Samsung software update reports from NSW, Vic and South Australia

An issue Samsung claims only affects its South Australian customers could be more widespread than first thought as reports of a botched software update surface in other parts of the country.

Thousands of South Australians have reported a prompted Android software update that renders their Samsung devices unusable – the only solution is a factory reset.

For those who don’t have the forethought or know-how to back up their device, precious memories, contacts and other important data can be lost forever.

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On Wednesday, Samsung Australia said reports of the problem were limited to South Australia, but people from other states have since told news.com.au the problem is affecting them too.

Melbourne native Frank Massimino was furious when his latest update rendered his phone “inoperable”.

“It just died even though it was fully charged, despite being in pristine condition, and it certainly wasn’t dropped or submerged in water,” he said.

“I took it to the Samsung Service Center in Chadstone and they told me there wasn’t really anything they could do about it.

“Well that was so disappointing as I had several years of contacts that I just lost, not to mention the other data and pictures that I lost.”

“No refund, no redress, really sad because I was very happy with the device until his death.”

Paul, from New South Wales, said the timing could not have been worse as in-store support was all but unavailable over the Christmas and New Year break.

As their primary means of communication, their smartphone, became unusable, other affected customers reported being unable to reach any support hotline or online portals.

“I spent two very frustrating days reverting the changes Samsung made,” said Paul.

“Luckily I’ve got everything back now, except my Fitbit still won’t sync to my phone.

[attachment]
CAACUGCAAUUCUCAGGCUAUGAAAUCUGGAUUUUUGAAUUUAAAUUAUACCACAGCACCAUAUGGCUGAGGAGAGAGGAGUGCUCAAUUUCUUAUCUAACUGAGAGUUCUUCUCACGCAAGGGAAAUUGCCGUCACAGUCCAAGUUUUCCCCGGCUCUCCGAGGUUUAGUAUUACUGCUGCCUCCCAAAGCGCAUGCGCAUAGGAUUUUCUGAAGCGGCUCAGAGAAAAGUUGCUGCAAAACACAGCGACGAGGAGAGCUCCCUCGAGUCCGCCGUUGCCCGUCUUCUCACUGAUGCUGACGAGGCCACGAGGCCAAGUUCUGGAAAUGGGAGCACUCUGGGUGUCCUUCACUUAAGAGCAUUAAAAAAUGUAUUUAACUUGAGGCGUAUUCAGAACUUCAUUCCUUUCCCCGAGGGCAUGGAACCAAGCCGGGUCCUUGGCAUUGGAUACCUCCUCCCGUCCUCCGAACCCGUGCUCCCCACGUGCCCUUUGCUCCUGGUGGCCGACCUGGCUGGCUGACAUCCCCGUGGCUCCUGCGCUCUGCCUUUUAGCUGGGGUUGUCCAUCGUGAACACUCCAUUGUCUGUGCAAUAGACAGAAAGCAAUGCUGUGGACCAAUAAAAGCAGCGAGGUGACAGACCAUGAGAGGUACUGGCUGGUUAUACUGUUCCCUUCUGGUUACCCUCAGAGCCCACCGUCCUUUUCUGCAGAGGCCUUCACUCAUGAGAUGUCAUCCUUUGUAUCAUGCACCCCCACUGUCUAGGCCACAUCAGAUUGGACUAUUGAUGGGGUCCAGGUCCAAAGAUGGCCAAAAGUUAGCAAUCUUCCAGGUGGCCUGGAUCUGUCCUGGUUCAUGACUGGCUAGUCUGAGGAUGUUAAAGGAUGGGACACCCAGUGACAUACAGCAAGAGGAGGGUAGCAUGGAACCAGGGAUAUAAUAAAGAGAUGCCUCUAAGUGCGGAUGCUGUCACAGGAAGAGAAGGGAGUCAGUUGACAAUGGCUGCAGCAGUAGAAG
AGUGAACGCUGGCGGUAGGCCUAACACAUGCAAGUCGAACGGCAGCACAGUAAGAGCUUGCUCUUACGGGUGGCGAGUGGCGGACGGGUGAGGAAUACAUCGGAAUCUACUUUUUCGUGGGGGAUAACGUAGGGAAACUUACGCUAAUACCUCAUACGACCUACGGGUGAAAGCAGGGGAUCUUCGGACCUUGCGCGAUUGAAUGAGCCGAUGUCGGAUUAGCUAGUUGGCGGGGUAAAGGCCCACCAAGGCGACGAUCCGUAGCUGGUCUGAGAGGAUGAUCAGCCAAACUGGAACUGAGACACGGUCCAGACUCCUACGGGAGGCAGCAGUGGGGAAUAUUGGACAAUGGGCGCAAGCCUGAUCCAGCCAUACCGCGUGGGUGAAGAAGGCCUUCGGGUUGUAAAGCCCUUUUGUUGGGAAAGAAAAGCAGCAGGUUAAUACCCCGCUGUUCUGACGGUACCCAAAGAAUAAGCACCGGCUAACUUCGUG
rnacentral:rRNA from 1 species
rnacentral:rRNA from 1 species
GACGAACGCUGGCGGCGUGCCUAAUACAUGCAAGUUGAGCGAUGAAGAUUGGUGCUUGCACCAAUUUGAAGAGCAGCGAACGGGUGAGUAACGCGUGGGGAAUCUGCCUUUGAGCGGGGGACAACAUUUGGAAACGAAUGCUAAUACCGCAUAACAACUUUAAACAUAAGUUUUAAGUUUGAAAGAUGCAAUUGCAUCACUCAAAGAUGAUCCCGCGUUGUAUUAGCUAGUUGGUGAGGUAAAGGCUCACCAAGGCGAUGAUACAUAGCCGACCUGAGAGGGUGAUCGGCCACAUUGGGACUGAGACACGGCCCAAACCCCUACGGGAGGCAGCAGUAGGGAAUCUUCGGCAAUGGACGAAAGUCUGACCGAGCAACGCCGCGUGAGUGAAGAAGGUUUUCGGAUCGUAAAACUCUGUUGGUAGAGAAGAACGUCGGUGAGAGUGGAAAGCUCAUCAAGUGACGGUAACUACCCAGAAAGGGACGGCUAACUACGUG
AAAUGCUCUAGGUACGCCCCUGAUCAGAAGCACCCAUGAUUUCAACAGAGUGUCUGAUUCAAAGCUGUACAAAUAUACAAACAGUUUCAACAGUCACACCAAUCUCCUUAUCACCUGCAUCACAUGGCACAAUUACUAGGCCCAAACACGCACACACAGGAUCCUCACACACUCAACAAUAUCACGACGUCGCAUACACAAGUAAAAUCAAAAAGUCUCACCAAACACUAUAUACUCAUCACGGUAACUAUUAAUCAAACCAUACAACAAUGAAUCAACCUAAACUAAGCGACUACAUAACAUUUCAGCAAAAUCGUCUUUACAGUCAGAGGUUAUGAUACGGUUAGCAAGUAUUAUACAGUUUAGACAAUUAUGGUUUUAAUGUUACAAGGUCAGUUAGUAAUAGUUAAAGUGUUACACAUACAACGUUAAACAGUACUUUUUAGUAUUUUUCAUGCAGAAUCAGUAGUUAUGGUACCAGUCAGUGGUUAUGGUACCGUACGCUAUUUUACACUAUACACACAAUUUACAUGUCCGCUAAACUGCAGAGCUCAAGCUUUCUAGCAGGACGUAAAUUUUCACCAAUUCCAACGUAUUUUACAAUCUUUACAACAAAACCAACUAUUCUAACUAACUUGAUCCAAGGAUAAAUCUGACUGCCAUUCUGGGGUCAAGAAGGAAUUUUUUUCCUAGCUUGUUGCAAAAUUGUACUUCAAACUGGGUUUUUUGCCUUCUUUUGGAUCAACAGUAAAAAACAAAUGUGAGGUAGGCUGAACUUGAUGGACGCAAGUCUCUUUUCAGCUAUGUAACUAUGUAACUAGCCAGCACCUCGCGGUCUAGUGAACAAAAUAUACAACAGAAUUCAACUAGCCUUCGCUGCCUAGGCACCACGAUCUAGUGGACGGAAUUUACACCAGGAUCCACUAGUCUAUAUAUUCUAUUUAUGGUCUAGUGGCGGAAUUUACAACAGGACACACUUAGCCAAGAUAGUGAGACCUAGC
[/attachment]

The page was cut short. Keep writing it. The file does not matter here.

“Hopefully Samsung has learned not to roll out an update before a public holiday without support.”

At ground zero, part-time Adelaide Uber driver Richard Arnoldt’s phone is essential to earning his extra income, according to Samsung Australia.

He joked he was “one of the lucky South Australian winners of this gannet award”.

“Having religiously installed every update since I bought my phone, the infamous ‘blue screen’ was something I didn’t need,” he said.

“Aside from losing messages, photos and contacts, I also drive for Uber part-time and of course no phone equals no work during the busiest time of the year.”

He said he had to go to JB Hifi at Adelaide Airport on Christmas Day to have his phone replaced as he and thousands of others were left without their vital communications link.

“$750 later and I was on my way,” he said.

“No doubt the attorneys would love to get their hands on this and start a class action lawsuit.”

“I would love to be a part of this campaign given the stress and inconvenience of this event, not to mention I spent the better part of $800 on a new phone and case that I didn’t need. “

Bruce, also from Adelaide, has yet to have his phone repaired but said to expect a $65 “evaluation fee” and possible additional repair costs.

“[They said]the phone would be sent away for a couple of weeks,” he said.

“Really? And what do we do in the meantime? Are you traveling without a phone?”

“It’s an unrealistic response to a problem they created.”

He also claimed he needed to buy a new phone to make ends meet.

Phone repair services have taken it upon themselves to warn customers not to click the latest Android software update.

“Tell your Samsung friends not to update their phones,” one store told its customers on social media.

“The recommendation is do not update your phone until the bug is fixed,” said another.

Frank, Paul, Richard and Bruce are among the potentially thousands affected by the problem after crowds were reported flocking to South Australian service centers on Wednesday.

Tech experts recommend all smartphone users to back up their devices regularly to avoid such disasters.

In December, the Android and Samsung operating systems had a market share of 42.82 percent, with Apple’s iOS retaining the lion’s share of 57.08 percent.

Samsung Australia has confirmed that they are aware of and are investigating the issue.

The company has yet to confirm which models in its range will be affected, nor has it confirmed the version of the software, although news.com.au understands it is the One UI 5.0 (Android 13) update.

Samung Australia was contacted for further comments.

Originally posted as “Really?”: The Samsung update issue is causing havoc across Australia

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